B. Krigstein Volume 1
Reviewed by Marc Savlov, Fri., Aug. 16, 2002
B. Krigstein Volume 1by Greg Sadowski
Fantagraphics, 272 pp., $49.95 I was 13 years old when I came across a stack of molding and coverless comic books in the backroom gloom of a secondhand bookshop in New Mexico. They stank of cat drizzle and had obviously seen the business end of the local vermin populace, but the sun-bleached inking and precise lettering style caught my eye. Miraculously, I had stumbled upon some 40-odd random issues of EC Comics, the groundbreaking and fabled 1950s company that brought the world titles like -- choke, gasp -- Tales From the Crypt, Crime SuspenStories, and Weird Science. Even in their dog-eared state, the discovery was to me a treasure akin to Tutankhamen's; I coughed up $10 for the lot and went on a mad comics jag that echoes to this day. I favored the horror comics, but one non-Crypt keeper tale from the March, 1955, debut issue of a title I'd never heard of -- Impact! -- knocked me for a loop. The story was "Master Race" by a sometime EC artist who signed his work B. Krigstein, and the name fit the style to an expressionistic "T." The story of a former Nazi death-camp commandant recognized by one of his old charges while riding the subway was all weird angles and staccato, oddly juxtaposed paneling. Utterly nontraditional in every respect, "Master Race" announced (to the precious few willing to listen at the time) that the popular lowbrow medium of comic books could aspire to the higher calling of Art. Sure, the kids already knew that in an offhand way, but his was something that made even adults take notice.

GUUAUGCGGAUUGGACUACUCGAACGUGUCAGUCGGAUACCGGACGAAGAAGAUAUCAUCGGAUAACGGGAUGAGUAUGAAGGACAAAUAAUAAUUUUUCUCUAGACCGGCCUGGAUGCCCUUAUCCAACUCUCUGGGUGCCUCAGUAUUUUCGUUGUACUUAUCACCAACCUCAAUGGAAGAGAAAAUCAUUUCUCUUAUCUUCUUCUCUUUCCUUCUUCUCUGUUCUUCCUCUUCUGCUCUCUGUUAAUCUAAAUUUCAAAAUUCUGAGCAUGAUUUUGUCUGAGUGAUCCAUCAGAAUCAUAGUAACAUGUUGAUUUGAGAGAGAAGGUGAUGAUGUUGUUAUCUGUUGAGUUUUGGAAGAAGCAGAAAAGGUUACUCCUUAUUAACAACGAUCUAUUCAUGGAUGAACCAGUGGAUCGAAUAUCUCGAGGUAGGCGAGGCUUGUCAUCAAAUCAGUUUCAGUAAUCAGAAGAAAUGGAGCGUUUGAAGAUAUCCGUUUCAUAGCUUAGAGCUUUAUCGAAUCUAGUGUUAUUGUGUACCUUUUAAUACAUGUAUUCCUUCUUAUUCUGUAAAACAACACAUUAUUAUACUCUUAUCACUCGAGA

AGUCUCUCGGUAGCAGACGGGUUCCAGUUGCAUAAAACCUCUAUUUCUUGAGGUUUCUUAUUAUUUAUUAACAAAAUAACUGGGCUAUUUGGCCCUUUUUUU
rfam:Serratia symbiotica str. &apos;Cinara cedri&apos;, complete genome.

"Master Race," reprinted in its entirety, is the centerpiece of this superb and lavishly illustrated biography of Bernard Krigstein, a Brooklyn native whose artistic life was a constant battle between the paying, commercial gigs he felt little affection for (including his comic-book work) and the terminally unprofitable still-lifes, landscapes, and often unnerving portraiture that he labored over obsessively throughout his life. Examples of both are plentiful here, and while his forays into comics are interesting and occasionally exciting, Krigstein's gouaches, etchings, watercolors, and especially his oils are riveting in their audacious use of color, shadow, proportion, and (a)symmetry. "In the comics field, [Krigstein] functioned not as an illustrator. ... He functioned as an artist," is the quote from comics authority Bhob Stewart that leads off B. Krigstein, and it pretty much sums the man up as succinctly as possible. Not so of Sadowski's exhaustively researched book, which compiles everything from Krigstein's old WWII letters home (to wife and frequent portrait subject Natalie Krigstein) to his early magazine spot art, greeting-card work, wartime sketches, paintings, sculptures, and yes, his comics art. The ripple effect created by "Master Race" 47 years ago has since swollen into a tsunami of undeniable influence. Echoes of Krigstein's heavily stylized artistry is apparent in current comics artists from Adrian Tomine (Optic Nerve) to Art Spiegelman (Maus) and beyond, and the indie-comic boom of the early Nineties might well have looked a whole lot different were it not for that eight-page story. (Krigstein's battle for those two extra pages -- comics at the time generally ran to six pages, tops -- is recounted in Sadowski's book.) Virtually unknown outside of the comics medium to this day, Bernard Krigstein finally gets his due in spades, and it looks damn snappy on the coffee table, to boot.